Four-year community college degrees expand opportunities (opinion)

It is a sad reality that in America the gap between rich and poor has widened over the past 50 years. This growing wealth gap has come at the expense of the middle class, once a defining feature of the American dream, now a sort of economic vanishing point on a horizon of distress and turmoil.

Jobs require education. The health and stability of the American economy depends on the innovation of its public education system and, in particular, the innovation of its community colleges.

During historic periods of growth and industrialization, the American public education system provided a common ground. In particular, two-year community college degrees have created uniquely American pathways to innovation, specialization, and worker mobility, an accessible bridge from high school to employment, and transfer to four-tier institutions. year. Both pathways—technical education for employment and higher education transfer—remain essential to increasing the incomes of individuals and families throughout life, thereby creating a strong middle class.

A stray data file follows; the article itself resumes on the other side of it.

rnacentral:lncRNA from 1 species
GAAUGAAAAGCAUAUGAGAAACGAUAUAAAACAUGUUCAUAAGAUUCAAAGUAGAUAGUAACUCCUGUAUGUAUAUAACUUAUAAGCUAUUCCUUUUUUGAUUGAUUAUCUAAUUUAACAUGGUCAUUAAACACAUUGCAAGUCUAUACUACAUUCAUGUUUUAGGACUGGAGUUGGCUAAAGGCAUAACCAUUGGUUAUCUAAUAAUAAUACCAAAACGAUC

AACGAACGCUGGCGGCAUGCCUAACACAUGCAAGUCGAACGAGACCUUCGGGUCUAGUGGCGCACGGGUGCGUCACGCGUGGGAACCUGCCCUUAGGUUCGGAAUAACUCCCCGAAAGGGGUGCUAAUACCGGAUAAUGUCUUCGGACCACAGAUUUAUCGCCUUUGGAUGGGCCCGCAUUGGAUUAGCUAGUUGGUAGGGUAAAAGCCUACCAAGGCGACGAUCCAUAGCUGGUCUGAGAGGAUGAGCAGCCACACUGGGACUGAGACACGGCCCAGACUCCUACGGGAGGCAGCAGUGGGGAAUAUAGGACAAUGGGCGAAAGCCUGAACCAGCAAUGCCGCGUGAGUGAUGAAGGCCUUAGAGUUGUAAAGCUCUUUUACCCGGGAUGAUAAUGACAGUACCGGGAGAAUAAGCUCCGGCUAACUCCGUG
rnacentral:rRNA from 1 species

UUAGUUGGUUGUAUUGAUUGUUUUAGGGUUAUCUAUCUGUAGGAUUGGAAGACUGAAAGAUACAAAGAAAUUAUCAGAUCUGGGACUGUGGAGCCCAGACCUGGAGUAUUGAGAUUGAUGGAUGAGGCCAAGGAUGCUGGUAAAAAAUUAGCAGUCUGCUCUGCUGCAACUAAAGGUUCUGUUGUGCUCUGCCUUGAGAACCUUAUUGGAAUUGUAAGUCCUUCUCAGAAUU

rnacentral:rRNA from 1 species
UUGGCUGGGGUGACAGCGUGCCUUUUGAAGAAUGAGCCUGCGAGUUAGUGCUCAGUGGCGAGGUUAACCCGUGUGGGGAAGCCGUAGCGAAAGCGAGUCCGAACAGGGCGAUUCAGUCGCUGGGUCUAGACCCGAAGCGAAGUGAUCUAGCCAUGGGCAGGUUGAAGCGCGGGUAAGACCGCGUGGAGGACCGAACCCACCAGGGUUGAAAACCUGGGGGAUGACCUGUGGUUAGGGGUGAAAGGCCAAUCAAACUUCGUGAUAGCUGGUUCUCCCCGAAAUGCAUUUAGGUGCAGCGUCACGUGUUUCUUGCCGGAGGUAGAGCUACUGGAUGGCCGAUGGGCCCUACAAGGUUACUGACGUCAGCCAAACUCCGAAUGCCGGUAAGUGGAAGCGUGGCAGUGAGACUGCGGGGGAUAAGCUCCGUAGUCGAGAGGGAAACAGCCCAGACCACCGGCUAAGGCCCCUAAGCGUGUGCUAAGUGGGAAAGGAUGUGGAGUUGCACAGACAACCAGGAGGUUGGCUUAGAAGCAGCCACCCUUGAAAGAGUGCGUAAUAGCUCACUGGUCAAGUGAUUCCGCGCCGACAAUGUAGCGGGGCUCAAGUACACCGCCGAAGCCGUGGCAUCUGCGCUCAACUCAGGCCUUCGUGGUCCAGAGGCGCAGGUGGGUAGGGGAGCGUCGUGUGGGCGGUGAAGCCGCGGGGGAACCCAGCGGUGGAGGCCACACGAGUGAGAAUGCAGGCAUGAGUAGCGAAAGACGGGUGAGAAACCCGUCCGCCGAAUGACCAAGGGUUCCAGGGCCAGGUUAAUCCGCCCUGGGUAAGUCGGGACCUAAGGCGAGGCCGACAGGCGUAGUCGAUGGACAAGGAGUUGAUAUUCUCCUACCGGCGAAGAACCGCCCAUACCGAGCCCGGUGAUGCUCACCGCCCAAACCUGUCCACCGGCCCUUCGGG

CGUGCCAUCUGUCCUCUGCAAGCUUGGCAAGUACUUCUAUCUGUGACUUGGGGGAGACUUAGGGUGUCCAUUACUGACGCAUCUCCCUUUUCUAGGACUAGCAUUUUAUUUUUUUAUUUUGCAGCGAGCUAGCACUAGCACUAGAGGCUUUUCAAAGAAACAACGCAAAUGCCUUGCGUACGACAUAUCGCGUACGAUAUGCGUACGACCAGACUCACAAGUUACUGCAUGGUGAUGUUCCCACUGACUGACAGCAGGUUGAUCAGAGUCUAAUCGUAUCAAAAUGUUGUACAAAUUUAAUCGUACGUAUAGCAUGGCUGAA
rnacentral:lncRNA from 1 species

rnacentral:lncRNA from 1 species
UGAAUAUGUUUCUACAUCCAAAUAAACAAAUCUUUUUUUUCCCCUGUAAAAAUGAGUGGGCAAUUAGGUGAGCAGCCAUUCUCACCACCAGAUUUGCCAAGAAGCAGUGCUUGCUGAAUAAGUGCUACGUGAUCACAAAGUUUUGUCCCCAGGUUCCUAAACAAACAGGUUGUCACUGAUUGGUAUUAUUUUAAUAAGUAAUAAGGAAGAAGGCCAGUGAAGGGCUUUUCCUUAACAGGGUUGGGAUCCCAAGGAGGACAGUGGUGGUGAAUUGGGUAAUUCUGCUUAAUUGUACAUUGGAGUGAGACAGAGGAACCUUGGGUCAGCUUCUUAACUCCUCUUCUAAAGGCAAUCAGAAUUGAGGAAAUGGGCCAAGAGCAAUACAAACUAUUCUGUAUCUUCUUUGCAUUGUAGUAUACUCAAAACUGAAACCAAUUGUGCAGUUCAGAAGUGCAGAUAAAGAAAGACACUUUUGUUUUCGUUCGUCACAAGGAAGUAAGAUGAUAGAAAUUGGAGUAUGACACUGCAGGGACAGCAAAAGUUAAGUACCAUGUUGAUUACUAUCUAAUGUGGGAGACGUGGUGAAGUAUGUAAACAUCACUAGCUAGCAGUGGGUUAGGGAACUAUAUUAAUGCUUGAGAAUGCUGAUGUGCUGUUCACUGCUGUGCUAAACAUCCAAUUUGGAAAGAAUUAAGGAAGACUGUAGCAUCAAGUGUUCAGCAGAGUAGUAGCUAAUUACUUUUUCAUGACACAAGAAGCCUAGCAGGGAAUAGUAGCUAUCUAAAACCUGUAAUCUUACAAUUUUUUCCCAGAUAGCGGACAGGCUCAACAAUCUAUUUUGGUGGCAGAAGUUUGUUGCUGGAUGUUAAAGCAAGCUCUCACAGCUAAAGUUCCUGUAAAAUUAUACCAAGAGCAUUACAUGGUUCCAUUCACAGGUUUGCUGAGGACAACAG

With new technologies changing the face of almost every industrial sector, there is now an urgent demand for higher-level skills associated with a bachelor’s degree. However, traditional models of delivering a four-year education present financial and logistical barriers to large-scale expansion. The rising cost of earning a four-year degree can be a deterrent, even when the first two years can be completed at an affordable community college. Travel and housing costs can overwhelm low-income families and students living in peri-urban and rural areas where the nearest university may be hundreds of miles away. The strongly local character of community colleges can be difficult to recreate in universities that serve larger regional or even national needs.

Community college bachelor’s degrees emerged as an innovative solution. In the 1980s, Parkersburg Community College in West Virginia became the first to establish a bachelor’s degree program at a community college (CCB). Today, about half of the states allow community colleges to offer bachelor’s degrees, and there are hundreds of CCBs offered nationwide. In 2019, an estimated 121 community colleges granted CCBs.

CCBs must now be leveraged to rebuild the middle class. We can enhance our nation’s skills in a rapidly changing technological environment by offering bachelor’s degree programs at the neighborhood community college.

Community colleges serve a large number of students of color and students from low-income families. Having easy access to an affordable, quality bachelor’s degree is essential to economic and social mobility, making the American Dream less elusive.